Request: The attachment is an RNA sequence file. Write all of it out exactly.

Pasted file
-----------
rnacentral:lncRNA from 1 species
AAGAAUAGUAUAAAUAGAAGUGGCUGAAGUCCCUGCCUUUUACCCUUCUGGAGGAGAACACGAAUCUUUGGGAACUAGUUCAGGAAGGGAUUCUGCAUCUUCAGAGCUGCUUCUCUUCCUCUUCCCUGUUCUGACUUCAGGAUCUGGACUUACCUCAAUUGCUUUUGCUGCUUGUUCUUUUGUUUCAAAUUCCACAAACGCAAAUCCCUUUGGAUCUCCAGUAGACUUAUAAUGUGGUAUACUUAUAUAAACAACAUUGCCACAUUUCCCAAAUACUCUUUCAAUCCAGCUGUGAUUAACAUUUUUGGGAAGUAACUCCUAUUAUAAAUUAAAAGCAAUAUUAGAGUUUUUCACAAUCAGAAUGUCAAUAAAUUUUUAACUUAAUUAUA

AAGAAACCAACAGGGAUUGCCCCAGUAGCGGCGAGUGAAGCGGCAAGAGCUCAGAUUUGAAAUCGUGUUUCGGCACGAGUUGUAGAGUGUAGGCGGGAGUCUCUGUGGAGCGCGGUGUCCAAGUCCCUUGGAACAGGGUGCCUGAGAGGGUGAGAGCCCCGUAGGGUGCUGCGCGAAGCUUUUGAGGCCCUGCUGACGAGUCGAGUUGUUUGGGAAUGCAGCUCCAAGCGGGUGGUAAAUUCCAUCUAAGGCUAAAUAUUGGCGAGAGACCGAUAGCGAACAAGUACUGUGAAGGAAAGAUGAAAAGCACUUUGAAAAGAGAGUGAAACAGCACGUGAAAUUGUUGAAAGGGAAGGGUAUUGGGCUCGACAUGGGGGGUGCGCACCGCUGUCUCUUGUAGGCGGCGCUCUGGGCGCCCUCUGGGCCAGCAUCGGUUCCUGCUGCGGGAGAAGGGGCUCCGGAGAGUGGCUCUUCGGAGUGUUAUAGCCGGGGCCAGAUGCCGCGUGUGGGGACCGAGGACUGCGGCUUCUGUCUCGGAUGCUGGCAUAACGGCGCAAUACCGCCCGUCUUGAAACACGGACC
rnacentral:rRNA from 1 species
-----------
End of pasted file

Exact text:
rnacentral:lncRNA from 1 species
AAGAAUAGUAUAAAUAGAAGUGGCUGAAGUCCCUGCCUUUUACCCUUCUGGAGGAGAACACGAAUCUUUGGGAACUAGUUCAGGAAGGGAUUCUGCAUCUUCAGAGCUGCUUCUCUUCCUCUUCCCUGUUCUGACUUCAGGAUCUGGACUUACCUCAAUUGCUUUUGCUGCUUGUUCUUUUGUUUCAAAUUCCACAAACGCAAAUCCCUUUGGAUCUCCAGUAGACUUAUAAUGUGGUAUACUUAUAUAAACAACAUUGCCACAUUUCCCAAAUACUCUUUCAAUCCAGCUGUGAUUAACAUUUUUGGGAAGUAACUCCUAUUAUAAAUUAAAAGCAAUAUUAGAGUUUUUCACAAUCAGAAUGUCAAUAAAUUUUUAACUUAAUUAUA

AAGAAACCAACAGGGAUUGCCCCAGUAGCGGCGAGUGAAGCGGCAAGAGCUCAGAUUUGAAAUCGUGUUUCGGCACGAGUUGUAGAGUGUAGGCGGGAGUCUCUGUGGAGCGCGGUGUCCAAGUCCCUUGGAACAGGGUGCCUGAGAGGGUGAGAGCCCCGUAGGGUGCUGCGCGAAGCUUUUGAGGCCCUGCUGACGAGUCGAGUUGUUUGGGAAUGCAGCUCCAAGCGGGUGGUAAAUUCCAUCUAAGGCUAAAUAUUGGCGAGAGACCGAUAGCGAACAAGUACUGUGAAGGAAAGAUGAAAAGCACUUUGAAAAGAGAGUGAAACAGCACGUGAAAUUGUUGAAAGGGAAGGGUAUUGGGCUCGACAUGGGGGGUGCGCACCGCUGUCUCUUGUAGGCGGCGCUCUGGGCGCCCUCUGGGCCAGCAUCGGUUCCUGCUGCGGGAGAAGGGGCUCCGGAGAGUGGCUCUUCGGAGUGUUAUAGCCGGGGCCAGAUGCCGCGUGUGGGGACCGAGGACUGCGGCUUCUGUCUCGGAUGCUGGCAUAACGGCGCAAUACCGCCCGUCUUGAAACACGGACC
rnacentral:rRNA from 1 species